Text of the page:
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Teachers as Therapists (Kimberley

Theme: Special Education/Counselling 

According to a review of recent theoretical articles (Hayes, 1995; Mackey & McQueen, 1998), applied literature (Carlson, 2001; Maguson, 1996)and empirical  research (Franklin, Biever, Moore, Clemons, & Scamardo, 2001; Quinn & Cowie, 1995), teachers may act as therapists for students in their classrooms, taking on a role in conversation and instruction that, at times, seems to transverse the student-teacher relationship boundaries (Nichols, 1998).  Such approaches may be deliberate and follow a specific program and particular psychological theory (Barnes, 2000).  Other times, involvement is more informal, perhaps to the point of being inadvertent (Hayes, 1995).  Often, such intervention by teachers happens more with students needing special education assistance or greater individual attention (Peach & Keeny, 1991).

Little recent empirical research is available that outlines how teachers view their potential or existing therapeutic role, or how they feel they are teaching therapeutically (one example is Bauman, 2002).  The purpose of this proposed project is to examine if teacher  participants are either inadvertently or deliberately acting as therapists towards their students, and whether they feel such involvement is necessary or appropriate.  This research will also provide a comparison between the approaches of  classroom teachers and special education teachers.  The primary research questions include: Are teachers using a therapeutic approach when teaching? How do teachers describe themselves as therapists? What are the ethical implications of teachers acting as therapists?


Abstract (Thinan)

Indicators of Effective English as a Foreign Language (EFL) Instruction in Thai Universities

To date, there have been no studies in Thailand of EFL teaching effectiveness comparing public universities (non-profit institutions funded primarily by the government), autonomous universities (non-profit institutions funded by a combination of government money and funds from other sectors), and private universities (for-profit institutions funded by tuition fees, private endowments, and venture capital). The autonomous administrative system in a university is considered relatively new to the Thai educational system. One of its policies is that the autonomous universities in Thailand consider English language as a key instructional element to distinguish themselves from other universities. More research is needed to explore the parameters which lead each of them to have effective EFL instruction.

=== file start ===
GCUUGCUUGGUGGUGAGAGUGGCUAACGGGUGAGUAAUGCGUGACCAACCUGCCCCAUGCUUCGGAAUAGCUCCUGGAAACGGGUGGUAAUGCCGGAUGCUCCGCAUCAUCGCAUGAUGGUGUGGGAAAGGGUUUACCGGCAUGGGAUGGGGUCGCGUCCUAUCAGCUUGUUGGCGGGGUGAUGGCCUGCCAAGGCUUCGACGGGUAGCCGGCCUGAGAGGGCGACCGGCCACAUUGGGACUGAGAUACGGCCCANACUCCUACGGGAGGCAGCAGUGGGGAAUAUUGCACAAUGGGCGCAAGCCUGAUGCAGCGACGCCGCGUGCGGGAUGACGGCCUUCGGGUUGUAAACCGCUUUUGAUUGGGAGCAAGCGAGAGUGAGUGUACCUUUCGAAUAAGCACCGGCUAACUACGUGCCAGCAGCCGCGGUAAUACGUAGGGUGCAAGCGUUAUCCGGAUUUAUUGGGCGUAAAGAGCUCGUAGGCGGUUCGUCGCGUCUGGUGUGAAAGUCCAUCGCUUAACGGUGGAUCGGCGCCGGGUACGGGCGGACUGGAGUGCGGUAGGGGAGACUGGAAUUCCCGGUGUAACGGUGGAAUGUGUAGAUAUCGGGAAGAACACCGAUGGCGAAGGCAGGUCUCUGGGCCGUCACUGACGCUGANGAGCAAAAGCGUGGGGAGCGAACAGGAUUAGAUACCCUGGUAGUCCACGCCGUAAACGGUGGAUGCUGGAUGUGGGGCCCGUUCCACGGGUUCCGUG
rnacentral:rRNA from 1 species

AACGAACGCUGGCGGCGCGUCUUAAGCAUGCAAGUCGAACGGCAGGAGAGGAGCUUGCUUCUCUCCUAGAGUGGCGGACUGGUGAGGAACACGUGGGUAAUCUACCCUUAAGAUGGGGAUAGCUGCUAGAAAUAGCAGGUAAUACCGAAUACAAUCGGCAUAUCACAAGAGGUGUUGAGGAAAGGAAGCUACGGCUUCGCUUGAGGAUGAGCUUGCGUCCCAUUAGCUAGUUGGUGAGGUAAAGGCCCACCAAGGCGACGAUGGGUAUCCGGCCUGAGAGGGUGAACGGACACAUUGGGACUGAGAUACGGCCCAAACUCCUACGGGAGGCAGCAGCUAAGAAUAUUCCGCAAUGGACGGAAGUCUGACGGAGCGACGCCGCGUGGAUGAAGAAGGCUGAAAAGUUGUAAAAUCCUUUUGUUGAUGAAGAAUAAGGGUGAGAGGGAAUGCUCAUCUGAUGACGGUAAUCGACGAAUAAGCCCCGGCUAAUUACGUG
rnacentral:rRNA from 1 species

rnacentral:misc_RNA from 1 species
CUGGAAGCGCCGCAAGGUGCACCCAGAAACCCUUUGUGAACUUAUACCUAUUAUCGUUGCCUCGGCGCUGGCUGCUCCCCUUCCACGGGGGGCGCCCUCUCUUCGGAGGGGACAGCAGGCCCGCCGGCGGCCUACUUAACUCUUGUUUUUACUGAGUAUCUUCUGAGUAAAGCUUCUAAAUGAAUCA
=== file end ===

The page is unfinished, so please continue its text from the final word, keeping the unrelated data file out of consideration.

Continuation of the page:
Four Thai universities (Burapha University, Srinakharinwirot University, Mae Fah Luang University, and the University of the Thai Chamber of Commerce) will be examined in this study. Burapha University and Srinakharinwiroj University are public universities, Mae Fah Luang is an autonomous university, and the University of the Thai Chamber of Commerce is a private university.

The purpose of this study is two-fold. First, it will attempt to identify key indicators of effective EFL instruction in a general way (e.g., proportion of native English speakers in instructional staff; proportion of foreign-educated Thai instructors, etc.). Second, it will compare these indicators among the selected universities to see if they may have an impact on learners’ performance (implying that they may be selectively emphasized to improve the EFL-training effectiveness in lower-performing institutions). Both qualitative and quantitative research methodologies will be used for this study.